Register Forgot login?

© 2002-2014
Encyclopaedia Metallum

Best viewed
without Internet Explorer,
in 1280 x 960 resolution
or higher.

Vast improvement. - 89%

Shadespawn, November 22nd, 2008

There are re-recordings of a lot of albums, by a lot of bands, each with different outcomes. Some are experiments, some are made just because the band has no current perspective in what to do next. Others are unnecessary, because the original recording is good enough or fits the time period well, yet again others, such as "Under Satanae" have made a huge leap and improvement from the original "Under the Moonspell" from back in 1994. There are many factors in why Moonspell have succeeded in refreshing their old material for well fitting into the new millennium. Here are some of them:

For the first part, the 1994 recording was raw, indeed, which is not necessarily a bad thing for most early band material. Every early release from an original band, who has drawn a lot of attention to themselves deserves attention and respect, as does the "grandfather" of Under Satanae. The only problem with the first recording was the dull sound and rather weak lyrics. The ideas, being great, were beefed up pretty well on this release, its sound reaching near crystal clarity.

The record itself, old or new, makes an attempt at combining western style classical music with
oriental musical elements, such as Arabic halftone chants, or a variety of exotic instruments most western people (including myself) never even heard of. Additionally, the heavy sound of Moonspell is also present. They have gone back to their roots, infusing their old unique black metal orientation with a lot of interesting aspects, such as the before mentioned, oriental folk music. The opener "Halla alle halla al rabka halla" is the perfect example for one of the many folk-infused intrumentals throughout the entire record (the others being "Interludium/Incantatum Oequinoctum" or "Chorai Lusitânia!", the latter not being re-recorded). The instrumentals tend to be short interludes between the other tracks that are full of energy and passion. Female vocals on some tracks range from being well-fitting to slightly displaced. Most of the time they accentuate Fernando's gutturals, but for the overall effort, they manage to represent the mystic atmosphere quite well.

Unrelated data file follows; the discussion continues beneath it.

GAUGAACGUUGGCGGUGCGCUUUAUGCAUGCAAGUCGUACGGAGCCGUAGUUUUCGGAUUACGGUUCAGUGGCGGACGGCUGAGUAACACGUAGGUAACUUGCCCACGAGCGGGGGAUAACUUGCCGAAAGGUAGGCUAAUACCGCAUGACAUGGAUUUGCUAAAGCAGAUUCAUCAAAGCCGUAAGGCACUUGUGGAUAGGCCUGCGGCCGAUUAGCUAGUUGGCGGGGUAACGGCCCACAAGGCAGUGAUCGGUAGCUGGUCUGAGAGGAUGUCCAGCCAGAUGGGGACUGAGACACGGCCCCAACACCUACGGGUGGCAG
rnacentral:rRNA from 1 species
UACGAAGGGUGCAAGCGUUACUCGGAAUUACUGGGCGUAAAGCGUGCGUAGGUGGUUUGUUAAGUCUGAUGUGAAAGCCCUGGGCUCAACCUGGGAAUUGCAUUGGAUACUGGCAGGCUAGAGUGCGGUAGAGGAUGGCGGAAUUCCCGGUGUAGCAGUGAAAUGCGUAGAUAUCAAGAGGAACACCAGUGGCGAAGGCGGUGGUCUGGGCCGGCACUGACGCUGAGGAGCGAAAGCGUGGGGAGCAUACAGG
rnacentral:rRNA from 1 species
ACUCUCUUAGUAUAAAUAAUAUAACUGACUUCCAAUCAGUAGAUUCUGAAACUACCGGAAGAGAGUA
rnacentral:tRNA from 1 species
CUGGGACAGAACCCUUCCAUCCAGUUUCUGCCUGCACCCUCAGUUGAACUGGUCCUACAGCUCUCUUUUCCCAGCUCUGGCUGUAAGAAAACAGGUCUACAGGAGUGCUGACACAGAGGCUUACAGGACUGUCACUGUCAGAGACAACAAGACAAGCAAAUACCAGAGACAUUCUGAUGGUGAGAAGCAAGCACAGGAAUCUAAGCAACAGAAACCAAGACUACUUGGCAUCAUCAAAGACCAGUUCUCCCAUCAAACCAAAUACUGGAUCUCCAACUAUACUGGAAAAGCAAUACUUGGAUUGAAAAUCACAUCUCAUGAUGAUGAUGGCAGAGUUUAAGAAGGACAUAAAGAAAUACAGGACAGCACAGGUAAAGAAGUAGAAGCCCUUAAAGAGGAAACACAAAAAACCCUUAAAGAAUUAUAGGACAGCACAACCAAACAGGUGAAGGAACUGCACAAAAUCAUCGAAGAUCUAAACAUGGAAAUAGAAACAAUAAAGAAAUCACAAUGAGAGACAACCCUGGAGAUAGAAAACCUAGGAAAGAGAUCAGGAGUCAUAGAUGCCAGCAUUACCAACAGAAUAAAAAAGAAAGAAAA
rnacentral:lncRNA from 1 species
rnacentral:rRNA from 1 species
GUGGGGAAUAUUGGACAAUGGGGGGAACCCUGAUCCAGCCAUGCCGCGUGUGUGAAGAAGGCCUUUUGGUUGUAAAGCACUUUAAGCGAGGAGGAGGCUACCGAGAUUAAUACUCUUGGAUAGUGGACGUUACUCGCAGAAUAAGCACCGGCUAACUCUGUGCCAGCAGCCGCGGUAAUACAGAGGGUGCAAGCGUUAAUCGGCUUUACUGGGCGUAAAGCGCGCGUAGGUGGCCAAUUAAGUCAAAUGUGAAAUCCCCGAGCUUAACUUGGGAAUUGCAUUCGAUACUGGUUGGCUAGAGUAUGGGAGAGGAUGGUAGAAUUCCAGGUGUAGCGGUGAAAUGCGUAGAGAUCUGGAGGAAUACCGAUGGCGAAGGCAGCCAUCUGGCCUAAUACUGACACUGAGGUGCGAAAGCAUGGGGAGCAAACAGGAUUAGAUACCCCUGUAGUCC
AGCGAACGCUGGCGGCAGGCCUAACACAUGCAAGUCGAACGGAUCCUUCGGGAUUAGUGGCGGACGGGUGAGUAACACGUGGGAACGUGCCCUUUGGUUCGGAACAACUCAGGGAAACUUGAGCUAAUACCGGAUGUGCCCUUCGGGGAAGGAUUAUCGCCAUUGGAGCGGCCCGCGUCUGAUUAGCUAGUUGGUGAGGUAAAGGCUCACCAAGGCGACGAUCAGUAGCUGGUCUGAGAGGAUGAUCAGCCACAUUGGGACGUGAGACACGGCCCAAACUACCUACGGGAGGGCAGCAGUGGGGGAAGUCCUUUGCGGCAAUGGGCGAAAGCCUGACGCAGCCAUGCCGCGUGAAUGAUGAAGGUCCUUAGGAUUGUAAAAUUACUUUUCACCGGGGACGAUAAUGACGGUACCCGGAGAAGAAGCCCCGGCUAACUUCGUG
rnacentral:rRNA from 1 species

The new recording turned out to be a far better execution than the first release of the material. With the enhanced sound, the record simply lives up better to its intention. This is not just a mere folk-heavy metal melting pot, but an experiment that turned up quite well. The music itself flows very nicely and walks a fine ridge between harsh and soft. While this turned out to be very appealing for most open minded fans or people who are into this sort of thing, the record is not completely flaw-free. There are some aspects which simply do not belong into a heavy metal album and can be quite annoying and disorientating. One of these aspects is the female/male moaning in "Opus Diabolicum". Keep the moaning out of heavy metal, for hell's sake! If they had cut out such nonsense, the album would have been a near-masterpiece. Another thing is the excessive use of whispering throughout some tracks, including "Opus Diabolicum" again, which could have been much better in getting to the point, rather than moaning and whispering. That's simply not lust.

Luckily, the rest of the album after that particular track, much to my convenience, the album continues in a more straightforward way, without much compromise. Tracks like "Goat on Fire" and "Serpent Angel" manage to get to the point much faster and in a more direct way than the others, standing out to represent what Moonspell are really made of.

Recommended.